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Kevin Holland brushes off critics, fair-weather fans taking shots at him after last performance

Kevin Holland had a bad night at the office and he doesn’t believe anybody is owed an explanation just because he lost a fight.

After building an impressive five-fight win streak in 2020, which was capped off by a spectacular knockout against perennial middleweight contender Ronaldo “Jacare” Souza, the 28-year-old self-proclaimed “big mouth” lost a lopsided decision to Derek Brunson in his first UFC main event in March.

Following the fight, Holland received a mountain of criticism for constantly chattering at Brunson and even going as far as shouting at former UFC lightweight champion Khabib Nurmagomedov, who was sitting cage side, and asking him for advice. UFC president Dana White went as far as saying Holland had a “mental breakdown” in the cage that night.

While it certainly wasn’t one of his better performances, Holland denies that he fell apart under the pressure or paid too much attention to talking when he should have been fighting. Instead, he gives credit to Brunson for a job well done and acknowledging that he lost after an abysmal showing that night.

“Every time you listen to an interview or anything I’ve said after the fight, I said props to Derek Brunson,” Holland told MMA Fighting on Monday. “He went out there with a good game plan and did what he was supposed to do. It’s like I’m not one for excuses. Never have. Somebody gets the job done, they get the job done. He did a good job.

“It’s not robbing him of victory because at the end of the day, they’re all trying to find out why I lost. Cause they know 9 times out of 10, I’m supposed to beat the guy. I guess he just found the 10th time. It’s nothing wrong with them wanting to know what was going on with ‘one of their favorite fighters’. There’s nothing wrong that. At the end of the day, you thought Derek Brunson was supposed to beat me? No. So it’s like of course you’re going to ask, what was going on with you that night? Props to Derek Brunson. He did what he was supposed to do that night but come do that Monday, Tuesday, Wednesday, Thursday, Friday. Continue to hold me the whole night until eventually you’re not tired of holding me and then we’ve got a fight and then I’m going to beat the crap out of you. He did a good job. Props to him.”

Rather than sit and sulk over the defeat, Holland jumped at the chance to return to action sooner rather than later when an opportunity presented itself at UFC Vegas 23 this weekend.

Fellow middleweight Darren Till suffered a broken collarbone in training and that left Marvin Vettori without an opponent for a marquee card set to air on ABC. Without hesitation, Holland offered his services and now he’ll compete in a second straight main event but this fight isn’t about redemption or proving anybody wrong after what happened his last time out.

“I just like to fight,” Holland said. “At the end of the day, that’s one thing that will never change, I love to fight. I want to get the bad taste out of whose mouth? Out of the people who believe in me mouths? Yeah. The people who have something negative to say or always got something to say but they don’t do sh*t but sit on the couch? I don’t really care. At the end of the day, they don’t really bother me. They don’t pay my bills. The people who pay my bills, the people I truly affect — not the people who are just betting a couple of dollars on me trying to get rich off my name? Not those people. The true people, that’s what I care about.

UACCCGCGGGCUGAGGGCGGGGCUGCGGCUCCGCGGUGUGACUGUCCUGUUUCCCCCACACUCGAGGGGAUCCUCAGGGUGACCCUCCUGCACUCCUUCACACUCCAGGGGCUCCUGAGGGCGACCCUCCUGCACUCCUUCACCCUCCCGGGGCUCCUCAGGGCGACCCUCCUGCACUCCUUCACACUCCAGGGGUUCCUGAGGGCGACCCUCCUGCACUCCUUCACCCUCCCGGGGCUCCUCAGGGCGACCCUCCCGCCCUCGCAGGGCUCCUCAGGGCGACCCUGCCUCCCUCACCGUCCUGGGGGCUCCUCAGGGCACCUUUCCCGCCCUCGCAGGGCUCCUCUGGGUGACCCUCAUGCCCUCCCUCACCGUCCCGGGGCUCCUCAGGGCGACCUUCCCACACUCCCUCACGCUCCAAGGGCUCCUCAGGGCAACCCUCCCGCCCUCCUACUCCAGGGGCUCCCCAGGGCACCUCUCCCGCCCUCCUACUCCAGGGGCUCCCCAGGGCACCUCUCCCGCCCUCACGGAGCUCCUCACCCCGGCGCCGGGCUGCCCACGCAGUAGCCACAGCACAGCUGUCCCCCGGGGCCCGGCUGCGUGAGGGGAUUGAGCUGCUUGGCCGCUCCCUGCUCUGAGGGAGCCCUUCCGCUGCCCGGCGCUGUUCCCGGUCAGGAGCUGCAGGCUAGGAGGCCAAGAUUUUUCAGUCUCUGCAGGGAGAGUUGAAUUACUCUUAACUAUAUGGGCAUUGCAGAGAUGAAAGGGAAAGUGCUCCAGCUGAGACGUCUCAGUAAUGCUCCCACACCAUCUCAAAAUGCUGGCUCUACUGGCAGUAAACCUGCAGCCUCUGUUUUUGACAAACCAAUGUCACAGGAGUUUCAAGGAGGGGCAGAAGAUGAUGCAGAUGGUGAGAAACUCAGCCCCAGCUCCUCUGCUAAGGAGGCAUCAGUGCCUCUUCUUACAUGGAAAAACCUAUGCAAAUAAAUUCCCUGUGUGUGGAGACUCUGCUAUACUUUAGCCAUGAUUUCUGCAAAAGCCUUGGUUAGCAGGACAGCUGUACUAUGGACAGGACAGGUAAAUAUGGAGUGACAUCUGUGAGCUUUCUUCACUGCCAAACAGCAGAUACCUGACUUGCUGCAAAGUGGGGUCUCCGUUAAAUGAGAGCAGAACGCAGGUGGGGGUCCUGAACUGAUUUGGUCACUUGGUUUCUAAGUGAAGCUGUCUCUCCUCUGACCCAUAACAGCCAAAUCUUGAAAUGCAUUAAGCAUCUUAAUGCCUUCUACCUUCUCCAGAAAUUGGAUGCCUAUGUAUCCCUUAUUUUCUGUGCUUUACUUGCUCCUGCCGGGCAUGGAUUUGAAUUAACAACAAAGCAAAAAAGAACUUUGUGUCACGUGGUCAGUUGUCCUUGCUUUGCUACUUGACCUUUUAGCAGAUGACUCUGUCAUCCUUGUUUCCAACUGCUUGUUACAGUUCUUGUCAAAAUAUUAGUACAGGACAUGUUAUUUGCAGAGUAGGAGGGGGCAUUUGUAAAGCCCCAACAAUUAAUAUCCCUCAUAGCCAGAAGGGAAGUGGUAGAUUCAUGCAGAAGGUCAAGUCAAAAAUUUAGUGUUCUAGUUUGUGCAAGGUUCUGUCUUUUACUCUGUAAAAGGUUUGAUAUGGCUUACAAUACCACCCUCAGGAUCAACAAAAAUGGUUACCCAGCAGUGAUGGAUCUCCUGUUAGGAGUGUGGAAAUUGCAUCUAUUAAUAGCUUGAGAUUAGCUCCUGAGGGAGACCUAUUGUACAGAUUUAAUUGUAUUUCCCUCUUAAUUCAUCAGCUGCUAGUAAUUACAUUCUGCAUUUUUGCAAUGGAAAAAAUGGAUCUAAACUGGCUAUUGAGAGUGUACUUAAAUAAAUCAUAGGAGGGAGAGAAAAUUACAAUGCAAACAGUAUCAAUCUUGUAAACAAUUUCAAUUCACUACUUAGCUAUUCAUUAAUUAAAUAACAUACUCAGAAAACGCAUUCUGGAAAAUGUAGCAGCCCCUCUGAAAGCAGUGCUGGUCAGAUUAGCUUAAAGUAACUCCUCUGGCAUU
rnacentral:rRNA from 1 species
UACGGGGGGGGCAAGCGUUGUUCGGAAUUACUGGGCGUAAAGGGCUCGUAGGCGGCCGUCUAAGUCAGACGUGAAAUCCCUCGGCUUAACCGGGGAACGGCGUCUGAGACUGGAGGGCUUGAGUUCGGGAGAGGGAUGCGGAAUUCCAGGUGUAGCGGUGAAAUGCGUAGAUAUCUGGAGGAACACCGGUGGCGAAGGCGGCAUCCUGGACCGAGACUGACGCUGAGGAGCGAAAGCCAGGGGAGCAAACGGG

“Other than that, I don’t really care. It’s like you have to be close to me for me to care. A lot of these people aren’t that close to me. A lot of these people don’t pay my bills. A lot of these people don’t have nothing that I care that’s invested into me. Appreciate the people for tuning in but I don’t know. They tune in for a good show. I give you a good show and you still complain.”

Considering what Brunson did in that fight, Holland has a pretty good idea about what’s probably rolling through Vettori’s head as well.

“I expect him to try what seems to work,” Holland said about Vettori’s game plan. “It’s like I expect him to do what’s in human nature. Do what you think works. Whatever you guys thinks works, that’s what he’s going to try and do. I lost my last fight a certain way, so obviously everyone thinks that works so that’s what they’re going to try and do.

“It’s simple. It’s very simple. I’m just going to fight. I hear you, I feel you, I smell you but I’m just going to fight.”

One loss obviously isn’t going to force Holland to re-examine how he approaches future fights much less make him change the way he has fun whenever he’s competing.

If there’s less talk happening against Vettori, it’s only because Holland promises he’ll be too busy throwing strikes to tell his opponent what’s coming next.

“I want to fight. I don’t know if everyone’s catching that drift,” Holland said. “You guys wanted big mouth the last time I did all that talking and then everybody complained. This time, I’m going to fight. So just be happy, I’m going to fight.”

Regardless of what happened the last time out, Holland has always recognized his true ride-or-die supporters versus the swath of fair-weather fans that are always going to plague the sport.

Rather than allowing himself to get mired in negativity, Holland prefers to just give his attention to the people who actually deserve it and not the ones begging for it.

“I’ve got a lot of other things to worry about than just those fans who love you when you win and hate you when you lose,” Holland said. “Like I said before, there’s the people who pay the bills, people who are truly there and that truly care. Those are the ones that really matter.”

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